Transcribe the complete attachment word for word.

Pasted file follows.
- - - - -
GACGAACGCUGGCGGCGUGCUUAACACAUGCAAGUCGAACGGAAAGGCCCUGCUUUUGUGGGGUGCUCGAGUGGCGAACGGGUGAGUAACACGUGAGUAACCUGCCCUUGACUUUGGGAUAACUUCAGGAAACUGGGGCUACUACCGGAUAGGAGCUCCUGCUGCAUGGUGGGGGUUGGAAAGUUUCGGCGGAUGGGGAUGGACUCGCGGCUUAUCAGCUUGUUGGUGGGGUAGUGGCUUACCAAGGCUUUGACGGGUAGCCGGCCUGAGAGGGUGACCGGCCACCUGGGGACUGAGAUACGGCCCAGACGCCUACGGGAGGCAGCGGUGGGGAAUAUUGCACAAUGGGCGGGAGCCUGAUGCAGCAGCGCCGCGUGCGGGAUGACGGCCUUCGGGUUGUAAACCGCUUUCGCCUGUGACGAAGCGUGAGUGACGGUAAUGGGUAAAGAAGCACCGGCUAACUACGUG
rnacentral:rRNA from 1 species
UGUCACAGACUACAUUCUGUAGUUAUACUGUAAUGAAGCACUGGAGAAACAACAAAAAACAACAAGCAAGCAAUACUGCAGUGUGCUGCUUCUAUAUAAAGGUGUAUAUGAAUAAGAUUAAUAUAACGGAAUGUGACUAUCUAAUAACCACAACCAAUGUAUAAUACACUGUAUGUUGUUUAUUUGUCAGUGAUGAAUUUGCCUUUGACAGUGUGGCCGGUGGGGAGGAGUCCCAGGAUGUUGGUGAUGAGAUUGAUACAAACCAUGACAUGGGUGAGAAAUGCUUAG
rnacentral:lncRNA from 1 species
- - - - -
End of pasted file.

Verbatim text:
GACGAACGCUGGCGGCGUGCUUAACACAUGCAAGUCGAACGGAAAGGCCCUGCUUUUGUGGGGUGCUCGAGUGGCGAACGGGUGAGUAACACGUGAGUAACCUGCCCUUGACUUUGGGAUAACUUCAGGAAACUGGGGCUACUACCGGAUAGGAGCUCCUGCUGCAUGGUGGGGGUUGGAAAGUUUCGGCGGAUGGGGAUGGACUCGCGGCUUAUCAGCUUGUUGGUGGGGUAGUGGCUUACCAAGGCUUUGACGGGUAGCCGGCCUGAGAGGGUGACCGGCCACCUGGGGACUGAGAUACGGCCCAGACGCCUACGGGAGGCAGCGGUGGGGAAUAUUGCACAAUGGGCGGGAGCCUGAUGCAGCAGCGCCGCGUGCGGGAUGACGGCCUUCGGGUUGUAAACCGCUUUCGCCUGUGACGAAGCGUGAGUGACGGUAAUGGGUAAAGAAGCACCGGCUAACUACGUG
rnacentral:rRNA from 1 species
UGUCACAGACUACAUUCUGUAGUUAUACUGUAAUGAAGCACUGGAGAAACAACAAAAAACAACAAGCAAGCAAUACUGCAGUGUGCUGCUUCUAUAUAAAGGUGUAUAUGAAUAAGAUUAAUAUAACGGAAUGUGACUAUCUAAUAACCACAACCAAUGUAUAAUACACUGUAUGUUGUUUAUUUGUCAGUGAUGAAUUUGCCUUUGACAGUGUGGCCGGUGGGGAGGAGUCCCAGGAUGUUGGUGAUGAGAUUGAUACAAACCAUGACAUGGGUGAGAAAUGCUUAG
rnacentral:lncRNA from 1 species